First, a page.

Engagement is the extent to which our staff are committed both emotionally and intellectually to excellence at VCH. Engagement is less about what we do and more about how we do it. This series celebrates the great work in safety and engagement on our front lines.
At Richmond Hospital and Squamish General Hospital, safety and engagement are part of every day activity. They are also integral to “Releasing Time to Care,” a pilot program underway at the rural hospital and on three units at Richmond Hospital: 2 South, 3 North and 3 South.
Releasing Time to Care (RT2C) is designed to do just that – release clinical staff from onerous, time-consuming functional tasks so that they can focus on the important work: patient care. Using concepts similar to “Lean,” the grass-roots program engages staff in their own environment where they can bring forward real issues for discussion and resolution. Issues can be large or small, but resolving them relies on safe, open conversation about the issues that affect the quality and efficiency of the unit. Ideas are generated by the team. Priorities are identified by the team. Responsibilities are shared by members of the team.
“This is how it should be,” says Felicia Laing, Quality & Patient Safety Project Manager. “How the team can work best together is best decided by the team itself.” Along with LEAN consultants Lorelei Grosser, Ruby Gill and Tom Majek, Laing provides overall education and support for the pilot sites at Squamish General and Richmond Hospitals. “The work is at different stages of development in each unit, but the staff engage in developing a vision statement, vote on priorities for the unit and volunteer to make positive change by taking on a bit of the work toward change.”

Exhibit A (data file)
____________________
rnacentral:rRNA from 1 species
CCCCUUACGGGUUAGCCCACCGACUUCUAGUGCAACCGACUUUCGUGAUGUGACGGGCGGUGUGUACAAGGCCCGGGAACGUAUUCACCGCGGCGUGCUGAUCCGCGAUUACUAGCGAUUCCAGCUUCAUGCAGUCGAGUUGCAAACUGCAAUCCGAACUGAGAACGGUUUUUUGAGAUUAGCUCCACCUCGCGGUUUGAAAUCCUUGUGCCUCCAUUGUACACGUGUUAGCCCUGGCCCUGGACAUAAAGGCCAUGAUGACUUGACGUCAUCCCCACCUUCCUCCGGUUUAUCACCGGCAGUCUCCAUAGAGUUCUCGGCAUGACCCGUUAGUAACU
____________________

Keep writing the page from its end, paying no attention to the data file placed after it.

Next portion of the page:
RT2C is rooted in having the right person doing the right job; the right communication at the right time, having the right equipment in the right place, having the right processes for the right results, and having the right people making the right decisions. “This means that staff spend a lot of time engaged in conversation. On 3 South, for instance, staff have daily ‘team meets’ of just 5 to 10 minutes right in the hallway, led by any one of the staff. They use a white board that’s been turned in to a visual display of the things that are important to them – hand washing scores or patient falls, for instance.” This is safety and engagement working together.
“The staff champions have done an amazing job getting their peers engaged,” adds Laing. “This type of initiative can’t be successful without peer-to-peer support.”
And for managers, this is a great example of how the People First Safety & Engagement Action Plans can be integrated and achieved through initiatives such as Releasing Time to Care.
If you have a story you would like to share about your team’s success, please contact me and get your story in VCH News!